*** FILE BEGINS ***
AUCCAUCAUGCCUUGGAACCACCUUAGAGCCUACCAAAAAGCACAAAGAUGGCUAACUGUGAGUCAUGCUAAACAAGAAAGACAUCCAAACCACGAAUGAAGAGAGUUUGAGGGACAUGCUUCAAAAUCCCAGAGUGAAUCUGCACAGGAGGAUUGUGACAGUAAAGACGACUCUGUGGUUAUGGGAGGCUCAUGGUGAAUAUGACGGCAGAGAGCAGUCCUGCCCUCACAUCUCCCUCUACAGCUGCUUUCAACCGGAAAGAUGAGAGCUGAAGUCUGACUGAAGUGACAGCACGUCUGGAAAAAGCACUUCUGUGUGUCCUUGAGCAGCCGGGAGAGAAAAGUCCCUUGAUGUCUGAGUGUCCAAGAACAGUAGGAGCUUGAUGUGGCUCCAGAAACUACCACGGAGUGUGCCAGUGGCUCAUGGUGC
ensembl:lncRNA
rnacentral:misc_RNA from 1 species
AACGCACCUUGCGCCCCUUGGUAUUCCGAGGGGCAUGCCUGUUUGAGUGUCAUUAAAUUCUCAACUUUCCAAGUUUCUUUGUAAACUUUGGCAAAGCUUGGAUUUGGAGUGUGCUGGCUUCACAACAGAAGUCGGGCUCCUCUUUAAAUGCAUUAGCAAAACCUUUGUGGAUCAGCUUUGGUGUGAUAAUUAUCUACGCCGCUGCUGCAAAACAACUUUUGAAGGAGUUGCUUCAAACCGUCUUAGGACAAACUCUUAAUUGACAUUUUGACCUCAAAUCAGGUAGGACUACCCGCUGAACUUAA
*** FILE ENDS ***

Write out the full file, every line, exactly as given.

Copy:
AUCCAUCAUGCCUUGGAACCACCUUAGAGCCUACCAAAAAGCACAAAGAUGGCUAACUGUGAGUCAUGCUAAACAAGAAAGACAUCCAAACCACGAAUGAAGAGAGUUUGAGGGACAUGCUUCAAAAUCCCAGAGUGAAUCUGCACAGGAGGAUUGUGACAGUAAAGACGACUCUGUGGUUAUGGGAGGCUCAUGGUGAAUAUGACGGCAGAGAGCAGUCCUGCCCUCACAUCUCCCUCUACAGCUGCUUUCAACCGGAAAGAUGAGAGCUGAAGUCUGACUGAAGUGACAGCACGUCUGGAAAAAGCACUUCUGUGUGUCCUUGAGCAGCCGGGAGAGAAAAGUCCCUUGAUGUCUGAGUGUCCAAGAACAGUAGGAGCUUGAUGUGGCUCCAGAAACUACCACGGAGUGUGCCAGUGGCUCAUGGUGC
ensembl:lncRNA
rnacentral:misc_RNA from 1 species
AACGCACCUUGCGCCCCUUGGUAUUCCGAGGGGCAUGCCUGUUUGAGUGUCAUUAAAUUCUCAACUUUCCAAGUUUCUUUGUAAACUUUGGCAAAGCUUGGAUUUGGAGUGUGCUGGCUUCACAACAGAAGUCGGGCUCCUCUUUAAAUGCAUUAGCAAAACCUUUGUGGAUCAGCUUUGGUGUGAUAAUUAUCUACGCCGCUGCUGCAAAACAACUUUUGAAGGAGUUGCUUCAAACCGUCUUAGGACAAACUCUUAAUUGACAUUUUGACCUCAAAUCAGGUAGGACUACCCGCUGAACUUAA